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Four women travel to Jarmuli, a fictional town on the coast of India. Three are elderly friends – Gouri, Latika and Vidya – on their first outing together, the fourth is a young woman from Oslo, there to research a documentary. All four women are in the same compartment. When the train reaches one of its stops, the young woman jumps out and buys bread rolls and tea for a woman begging on the platform. As she goes to give the woman the food, one of two men ‘idling on the platform’ tries to get her attention and then brushes his arm against her breast.

The girl stepped backward and in a single move that appeared to take no more than a second, she thrust the bread at the woman and flung the hot tea in the man’s face. She kicked his shin and his crotch as his hands flew to his face. The man stumbled, fell to the platform.

All of a sudden, as if watching a silent film, the women in the train saw the food-stall outside starting to slide backwards. The lamp-post by the stall moved two feet back, then three. They saw the girl turning around to see her train moving out of the platform, the girl running towards the train, very fast despite her backpack, running as if her life depended on it, the second of the two men running after her.

The older women don’t see what happens next and worry for the young woman whose fate is unknown to them. The incident sets a tone of fear and unpredictability that hovers over the whole of the narrative.

The young woman – Nomi – tells her story to the reader in a first-person narrative. In it we discover that she has come to Jarmuli because she knows that, as a child, she had grown up nearby, in an ashram where going outside was forbidden.

Roy also tells the story through the viewpoints of the three women, there to see the temple; Badal, the temple guide, and Suraj, a local photographer helping Nomi with her documentary. She covers themes of love, friendship and aging, with a particular focus on dementia. The key theme of the novel, however, is child abuse. It’s a difficult topic to cover, in a number of ways. Roy’s narrative is a historical one, told in past tense, but that doesn’t prevent her from shying away from some graphic and disturbing scenes.

Sleeping on Jupiter is a taut, tense novel that considers power – who holds it and who abuses it – in a range of situations. It’s clear why it was longlisted for last year’s Man Booker Prize; hopefully that nomination will help to bring the book the wide readership it deserves.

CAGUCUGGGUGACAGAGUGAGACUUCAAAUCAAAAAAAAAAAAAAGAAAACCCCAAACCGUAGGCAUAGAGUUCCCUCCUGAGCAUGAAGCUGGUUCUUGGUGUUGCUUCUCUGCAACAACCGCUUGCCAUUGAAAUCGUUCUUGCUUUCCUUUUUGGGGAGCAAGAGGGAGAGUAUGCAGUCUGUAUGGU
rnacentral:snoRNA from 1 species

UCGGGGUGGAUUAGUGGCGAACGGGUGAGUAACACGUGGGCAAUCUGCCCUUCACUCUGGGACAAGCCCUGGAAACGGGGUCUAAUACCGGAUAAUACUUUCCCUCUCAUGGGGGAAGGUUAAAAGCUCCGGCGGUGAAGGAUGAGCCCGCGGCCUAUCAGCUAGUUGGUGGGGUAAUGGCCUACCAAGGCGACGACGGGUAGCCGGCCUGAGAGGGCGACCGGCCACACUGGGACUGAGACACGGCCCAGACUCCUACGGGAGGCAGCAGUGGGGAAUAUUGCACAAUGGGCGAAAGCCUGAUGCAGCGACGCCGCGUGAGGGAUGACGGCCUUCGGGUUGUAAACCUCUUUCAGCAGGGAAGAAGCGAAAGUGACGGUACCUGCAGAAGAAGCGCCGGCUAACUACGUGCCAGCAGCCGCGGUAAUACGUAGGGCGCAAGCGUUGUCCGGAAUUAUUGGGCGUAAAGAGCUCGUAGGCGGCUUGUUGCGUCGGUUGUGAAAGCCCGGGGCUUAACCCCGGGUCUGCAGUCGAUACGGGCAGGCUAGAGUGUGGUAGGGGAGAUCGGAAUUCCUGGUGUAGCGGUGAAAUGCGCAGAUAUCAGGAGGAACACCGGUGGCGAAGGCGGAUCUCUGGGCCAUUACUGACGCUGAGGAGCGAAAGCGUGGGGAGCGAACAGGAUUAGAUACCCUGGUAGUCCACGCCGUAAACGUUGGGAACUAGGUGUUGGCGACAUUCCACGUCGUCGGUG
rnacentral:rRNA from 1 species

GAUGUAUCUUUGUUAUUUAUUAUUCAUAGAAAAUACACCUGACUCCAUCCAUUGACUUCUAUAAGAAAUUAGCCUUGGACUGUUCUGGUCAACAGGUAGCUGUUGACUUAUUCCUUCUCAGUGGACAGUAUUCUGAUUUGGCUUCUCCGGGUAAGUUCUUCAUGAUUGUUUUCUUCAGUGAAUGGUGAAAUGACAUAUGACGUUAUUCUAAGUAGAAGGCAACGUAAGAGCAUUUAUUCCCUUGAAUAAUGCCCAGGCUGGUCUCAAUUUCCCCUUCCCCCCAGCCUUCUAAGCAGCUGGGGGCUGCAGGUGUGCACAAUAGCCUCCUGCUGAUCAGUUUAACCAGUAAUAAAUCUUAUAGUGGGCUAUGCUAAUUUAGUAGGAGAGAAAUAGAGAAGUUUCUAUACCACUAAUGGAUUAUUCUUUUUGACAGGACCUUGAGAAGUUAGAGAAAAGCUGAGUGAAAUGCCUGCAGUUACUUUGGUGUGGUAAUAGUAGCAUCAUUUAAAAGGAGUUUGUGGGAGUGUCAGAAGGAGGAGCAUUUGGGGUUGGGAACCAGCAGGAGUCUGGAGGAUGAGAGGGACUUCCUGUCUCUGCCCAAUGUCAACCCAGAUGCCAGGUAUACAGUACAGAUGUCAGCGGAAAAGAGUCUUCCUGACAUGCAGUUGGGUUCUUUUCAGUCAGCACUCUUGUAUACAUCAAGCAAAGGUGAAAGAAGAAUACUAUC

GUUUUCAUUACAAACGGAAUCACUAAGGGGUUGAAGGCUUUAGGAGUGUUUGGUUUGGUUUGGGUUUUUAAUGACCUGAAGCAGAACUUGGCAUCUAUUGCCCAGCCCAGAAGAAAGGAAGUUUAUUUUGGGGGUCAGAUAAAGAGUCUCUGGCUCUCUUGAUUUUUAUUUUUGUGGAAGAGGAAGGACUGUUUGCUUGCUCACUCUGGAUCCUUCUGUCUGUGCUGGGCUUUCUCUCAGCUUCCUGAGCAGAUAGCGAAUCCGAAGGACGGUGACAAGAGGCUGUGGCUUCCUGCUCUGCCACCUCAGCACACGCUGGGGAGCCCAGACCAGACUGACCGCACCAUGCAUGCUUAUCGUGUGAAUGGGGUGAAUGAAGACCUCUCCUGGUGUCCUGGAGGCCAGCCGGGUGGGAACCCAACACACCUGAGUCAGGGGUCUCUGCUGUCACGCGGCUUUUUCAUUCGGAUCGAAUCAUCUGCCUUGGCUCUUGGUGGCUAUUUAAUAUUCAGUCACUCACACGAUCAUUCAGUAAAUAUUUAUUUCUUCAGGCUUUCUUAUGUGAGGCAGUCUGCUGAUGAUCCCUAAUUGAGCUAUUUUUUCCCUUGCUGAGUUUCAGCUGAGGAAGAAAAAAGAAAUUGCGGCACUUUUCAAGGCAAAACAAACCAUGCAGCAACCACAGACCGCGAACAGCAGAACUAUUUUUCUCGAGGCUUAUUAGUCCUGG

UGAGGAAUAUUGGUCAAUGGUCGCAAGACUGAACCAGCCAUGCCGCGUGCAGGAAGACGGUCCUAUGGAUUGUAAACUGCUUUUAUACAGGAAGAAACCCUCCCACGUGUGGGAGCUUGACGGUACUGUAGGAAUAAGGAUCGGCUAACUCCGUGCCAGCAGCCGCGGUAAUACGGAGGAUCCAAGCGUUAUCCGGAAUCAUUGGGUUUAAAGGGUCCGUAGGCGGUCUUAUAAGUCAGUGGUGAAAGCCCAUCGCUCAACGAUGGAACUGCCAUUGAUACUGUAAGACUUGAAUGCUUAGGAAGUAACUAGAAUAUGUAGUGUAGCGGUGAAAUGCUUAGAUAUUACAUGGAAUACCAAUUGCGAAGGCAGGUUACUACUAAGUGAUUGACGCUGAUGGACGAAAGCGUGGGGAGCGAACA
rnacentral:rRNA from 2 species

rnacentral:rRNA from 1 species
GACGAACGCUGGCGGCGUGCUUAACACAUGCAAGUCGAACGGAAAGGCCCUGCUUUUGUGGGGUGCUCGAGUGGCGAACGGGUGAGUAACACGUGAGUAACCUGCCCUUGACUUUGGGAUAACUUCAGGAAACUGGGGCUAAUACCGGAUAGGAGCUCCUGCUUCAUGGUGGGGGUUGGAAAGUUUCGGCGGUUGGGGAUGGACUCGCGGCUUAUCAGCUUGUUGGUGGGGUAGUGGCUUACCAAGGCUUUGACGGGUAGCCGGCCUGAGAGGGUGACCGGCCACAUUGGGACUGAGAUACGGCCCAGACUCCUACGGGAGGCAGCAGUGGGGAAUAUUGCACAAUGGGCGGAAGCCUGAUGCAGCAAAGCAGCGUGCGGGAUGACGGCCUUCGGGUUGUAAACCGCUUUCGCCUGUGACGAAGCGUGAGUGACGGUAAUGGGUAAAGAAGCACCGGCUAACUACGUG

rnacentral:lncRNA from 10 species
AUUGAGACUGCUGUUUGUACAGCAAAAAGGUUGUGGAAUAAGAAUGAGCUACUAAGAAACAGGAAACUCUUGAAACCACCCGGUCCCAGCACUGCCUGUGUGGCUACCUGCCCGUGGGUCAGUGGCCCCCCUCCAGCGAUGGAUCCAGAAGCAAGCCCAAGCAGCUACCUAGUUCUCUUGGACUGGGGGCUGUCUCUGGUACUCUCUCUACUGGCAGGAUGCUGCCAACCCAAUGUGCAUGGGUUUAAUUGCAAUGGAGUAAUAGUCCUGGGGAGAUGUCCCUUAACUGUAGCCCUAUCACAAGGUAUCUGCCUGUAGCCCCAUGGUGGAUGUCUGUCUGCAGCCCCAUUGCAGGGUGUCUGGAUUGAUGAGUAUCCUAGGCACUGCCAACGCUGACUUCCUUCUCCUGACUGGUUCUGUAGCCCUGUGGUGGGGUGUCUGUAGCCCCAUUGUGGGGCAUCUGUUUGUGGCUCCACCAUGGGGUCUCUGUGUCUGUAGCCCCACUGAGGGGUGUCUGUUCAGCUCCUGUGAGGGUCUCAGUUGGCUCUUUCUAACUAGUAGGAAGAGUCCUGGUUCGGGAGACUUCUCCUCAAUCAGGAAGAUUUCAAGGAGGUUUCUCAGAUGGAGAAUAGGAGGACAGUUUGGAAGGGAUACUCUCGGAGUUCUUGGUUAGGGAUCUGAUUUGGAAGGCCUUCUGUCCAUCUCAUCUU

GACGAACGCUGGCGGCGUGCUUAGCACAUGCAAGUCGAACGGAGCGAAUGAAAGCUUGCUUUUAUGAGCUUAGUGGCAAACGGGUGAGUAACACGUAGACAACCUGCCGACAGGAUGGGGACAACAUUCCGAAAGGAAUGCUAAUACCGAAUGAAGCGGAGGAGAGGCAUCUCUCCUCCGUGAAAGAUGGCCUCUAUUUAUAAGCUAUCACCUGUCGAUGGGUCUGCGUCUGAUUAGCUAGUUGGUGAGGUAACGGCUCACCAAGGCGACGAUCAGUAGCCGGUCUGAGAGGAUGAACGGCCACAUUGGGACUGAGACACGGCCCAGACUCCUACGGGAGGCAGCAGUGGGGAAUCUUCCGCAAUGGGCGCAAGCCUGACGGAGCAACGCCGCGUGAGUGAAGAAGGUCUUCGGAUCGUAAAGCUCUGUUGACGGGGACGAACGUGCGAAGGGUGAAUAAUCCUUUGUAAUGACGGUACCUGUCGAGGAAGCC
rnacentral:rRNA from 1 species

Thanks to Maclehose Press for the review copy.

 

 

Flying Under the Radar…but well worth your time

2016 is shaping up to be such a corking year in books (thank goodness, eh, considering the state of everything else…) that I was going to do a books of the mid-year point list. However, when I drew up my longlist I noticed that it split neatly into two categories: those books you already know about because everyone is talking about them and those that I wish everyone was talking about because they’re brilliant and haven’t had the recognition they deserve. So here’s twelve books I’ve read so far this year that I think are worthy of your time and attention. Clicking on the covers will take you to my full review.

Let Me Tell You About a Man I Knew – Susan Fletcher

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A new patient arrives at Saint-Paul-De-Mausole, an artist called Vincent van Gogh. The story of the novel, however, belongs to Jeanne Trabuc, the warder’s wife. van Gogh serves as a catalyst for a change in her steady, claustrophobic life. A fantastic portrait of a marriage and the power of art to change how you see the world.

Like a Mule Bringing Ice Cream to the Sun – Sarah Ladipo Manyika

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Doctor Morayo Da Silva is approaching her 75th birthday. Former academic, ex-wife of an ambassador, she’s seen the world and lived it all. Now settled in San Francisco living a steady, reliable life…or so she tells us. The multiple narrators of this fascinating tale might not agree. (This also gives me an opportunity to point you in the direction of this excellent piece recommending more women novelists you might enjoy by Sarah Ladipo Manyika on Vela: Seven Bold and New International Voices.)

Martin John – Anakana Schofield

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You know that reviewers’ cliche about books staying with you long after you’ve turned the final page? Well I read this in December and I still shudder every time I think about it. Martin John is an ‘inadequate molester’. Exiled to London from Ireland, by his mother, following an incident in a dentist’s waiting room, Martin John follows his rituals and circuits to ensure he stays on the right side of the law. But he’s already made a mistake and now Baldy Conscience has stayed too long in Martin’s house they’ll be consequences. John’s mother’s story is also very interesting, equal parts heartbreaking and disturbing.